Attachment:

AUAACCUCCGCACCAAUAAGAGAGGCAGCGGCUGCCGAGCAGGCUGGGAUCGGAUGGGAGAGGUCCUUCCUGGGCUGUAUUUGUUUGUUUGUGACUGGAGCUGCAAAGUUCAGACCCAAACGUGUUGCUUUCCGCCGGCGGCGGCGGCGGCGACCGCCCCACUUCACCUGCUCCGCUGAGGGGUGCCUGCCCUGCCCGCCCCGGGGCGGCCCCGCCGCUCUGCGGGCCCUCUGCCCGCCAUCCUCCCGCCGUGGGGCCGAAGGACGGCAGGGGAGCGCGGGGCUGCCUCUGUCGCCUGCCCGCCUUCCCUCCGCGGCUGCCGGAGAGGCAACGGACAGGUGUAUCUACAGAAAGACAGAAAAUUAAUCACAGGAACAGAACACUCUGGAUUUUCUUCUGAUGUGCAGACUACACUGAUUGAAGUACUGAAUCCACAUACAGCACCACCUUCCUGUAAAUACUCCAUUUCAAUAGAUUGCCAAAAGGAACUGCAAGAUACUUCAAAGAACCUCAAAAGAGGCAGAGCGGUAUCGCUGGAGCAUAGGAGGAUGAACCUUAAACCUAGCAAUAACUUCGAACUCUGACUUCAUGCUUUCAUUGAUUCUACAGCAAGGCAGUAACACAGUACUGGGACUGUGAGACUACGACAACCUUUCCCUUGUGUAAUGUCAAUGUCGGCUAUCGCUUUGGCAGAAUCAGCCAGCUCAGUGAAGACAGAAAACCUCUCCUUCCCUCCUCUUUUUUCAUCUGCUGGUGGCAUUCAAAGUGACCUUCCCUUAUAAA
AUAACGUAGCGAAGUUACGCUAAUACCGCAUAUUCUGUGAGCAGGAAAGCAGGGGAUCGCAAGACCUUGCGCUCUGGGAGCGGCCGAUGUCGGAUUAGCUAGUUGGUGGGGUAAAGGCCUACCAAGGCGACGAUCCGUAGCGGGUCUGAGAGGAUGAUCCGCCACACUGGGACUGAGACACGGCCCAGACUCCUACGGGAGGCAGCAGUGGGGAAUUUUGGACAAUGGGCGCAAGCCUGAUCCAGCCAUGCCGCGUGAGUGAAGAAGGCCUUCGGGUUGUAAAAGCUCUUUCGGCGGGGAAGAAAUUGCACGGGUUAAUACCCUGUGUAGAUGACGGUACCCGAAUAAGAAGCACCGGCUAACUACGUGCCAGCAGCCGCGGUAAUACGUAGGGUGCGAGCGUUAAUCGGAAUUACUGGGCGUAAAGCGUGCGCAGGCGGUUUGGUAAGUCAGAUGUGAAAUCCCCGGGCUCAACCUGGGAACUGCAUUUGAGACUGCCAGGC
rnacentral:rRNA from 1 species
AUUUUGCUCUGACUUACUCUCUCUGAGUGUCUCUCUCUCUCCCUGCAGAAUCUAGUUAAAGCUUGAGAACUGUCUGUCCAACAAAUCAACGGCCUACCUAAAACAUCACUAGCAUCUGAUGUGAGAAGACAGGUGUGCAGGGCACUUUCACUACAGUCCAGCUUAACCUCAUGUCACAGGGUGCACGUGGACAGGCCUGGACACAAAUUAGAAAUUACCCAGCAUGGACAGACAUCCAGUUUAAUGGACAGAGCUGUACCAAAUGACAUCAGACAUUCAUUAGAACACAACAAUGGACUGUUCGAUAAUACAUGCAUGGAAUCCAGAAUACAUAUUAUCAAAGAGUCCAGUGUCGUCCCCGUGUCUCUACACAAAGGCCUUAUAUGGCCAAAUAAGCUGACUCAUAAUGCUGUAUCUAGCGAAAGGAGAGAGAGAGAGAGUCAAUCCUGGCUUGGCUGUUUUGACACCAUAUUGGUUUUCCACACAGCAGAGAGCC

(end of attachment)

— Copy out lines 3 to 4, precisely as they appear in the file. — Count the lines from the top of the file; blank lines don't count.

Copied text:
rnacentral:rRNA from 1 species
AUUUUGCUCUGACUUACUCUCUCUGAGUGUCUCUCUCUCUCCCUGCAGAAUCUAGUUAAAGCUUGAGAACUGUCUGUCCAACAAAUCAACGGCCUACCUAAAACAUCACUAGCAUCUGAUGUGAGAAGACAGGUGUGCAGGGCACUUUCACUACAGUCCAGCUUAACCUCAUGUCACAGGGUGCACGUGGACAGGCCUGGACACAAAUUAGAAAUUACCCAGCAUGGACAGACAUCCAGUUUAAUGGACAGAGCUGUACCAAAUGACAUCAGACAUUCAUUAGAACACAACAAUGGACUGUUCGAUAAUACAUGCAUGGAAUCCAGAAUACAUAUUAUCAAAGAGUCCAGUGUCGUCCCCGUGUCUCUACACAAAGGCCUUAUAUGGCCAAAUAAGCUGACUCAUAAUGCUGUAUCUAGCGAAAGGAGAGAGAGAGAGAGUCAAUCCUGGCUUGGCUGUUUUGACACCAUAUUGGUUUUCCACACAGCAGAGAGCC